Pandora’s on fire and most unaffected by war
Jewellery company Pandora has announced a record turnover of 5.7 billion kroner for the first three months of 2022 – a 21 percent increase on the same period last year, in which sales were hit by shop closures caused by corona. Online sales, however, have fallen by 17 percent as customers return to stores. Sales in China bucked the rising trend seen in the US and Europe, falling from 281 to 254 million. But the War in Ukraine has had little effect. Russia and Belarus only accounted for 1 percent of total sales.

Jyske Bank taking cautious approach over war
Jyske Bank has executed write-downs in its loans to the tune of 250 million kroner in anticipation of the effect the War in Ukraine will have on customers paying their bills: 100 million relating to private customers and 150 million to businesses. However, it has managed to reverse write-downs of 185 million kroner after the effect of corona was overestimated. The write-downs were announced in connection with the bank confirming a profit of 307 million kroner for the first quarter – an improvement on 206 million in the same period last year. For 2022, it expects a profit of between 0.9 and 1.1 billion kroner.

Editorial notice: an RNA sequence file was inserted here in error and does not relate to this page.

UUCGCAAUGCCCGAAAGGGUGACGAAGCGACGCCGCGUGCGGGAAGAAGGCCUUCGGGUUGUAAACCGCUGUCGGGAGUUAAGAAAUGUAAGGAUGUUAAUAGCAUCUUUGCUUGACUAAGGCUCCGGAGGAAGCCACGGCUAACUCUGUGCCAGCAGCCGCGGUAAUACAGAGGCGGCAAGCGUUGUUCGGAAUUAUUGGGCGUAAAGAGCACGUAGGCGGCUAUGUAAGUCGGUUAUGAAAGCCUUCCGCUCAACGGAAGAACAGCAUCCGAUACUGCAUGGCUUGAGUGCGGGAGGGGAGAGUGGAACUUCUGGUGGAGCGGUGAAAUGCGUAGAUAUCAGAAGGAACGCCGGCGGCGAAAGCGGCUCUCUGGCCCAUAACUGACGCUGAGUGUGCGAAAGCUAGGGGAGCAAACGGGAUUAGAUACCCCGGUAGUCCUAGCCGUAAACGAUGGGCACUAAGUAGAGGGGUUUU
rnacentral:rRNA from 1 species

Novo Nordisk attributes robust accounts to improved performance of diabetes drugs
Novo Nordisk has posted a set of healthy accounts for the first quarter of 2022: a profit of 14.2 billion kroner on total sales of 42 billion – up 12 and 24 percent respectively on the same period in 2021. It has seen a 54 percent increase in the sale of its diabetes drugs, the GLP-1 products Rybelsus, Ozempic and Victoza. It has revised its 2022 projections for sales growth from  6-10 to 10-14 percent and increase in operating profit from 4-8 percent to 9-13 percent. In the global market for GLP-1 products, it has increased its market share from 51.2 to 54.0 percent since this time last year.

FLSmidth performs better than expected
Engineering group FLSmidth has confirmed revenue of 4.7 billion kroner for the first quarter of the year – 6 million more than was expected by analysts. Over the whole of 2022, FLSmidth is expected to generate a turnover of 17.5-19 billion kroner.

Mink breeders hopeful ban will be lifted
The Danske Minkavlere breeders association is confident the ban on farming mink in Denmark will soon be lifted. A new risk assessment from Statens Serum Institut suggests the likelihood of another worrying variant of coronavirus developing – like it did in late 2020, leading to the decision to cull the nation’s 17 million mink – is low. However, should the ban be lifted by MPs, the regulations should be more stringent than before, recommends the report. Employees should be tested every day, suggests SSI, and protective equipment should be worn at all times.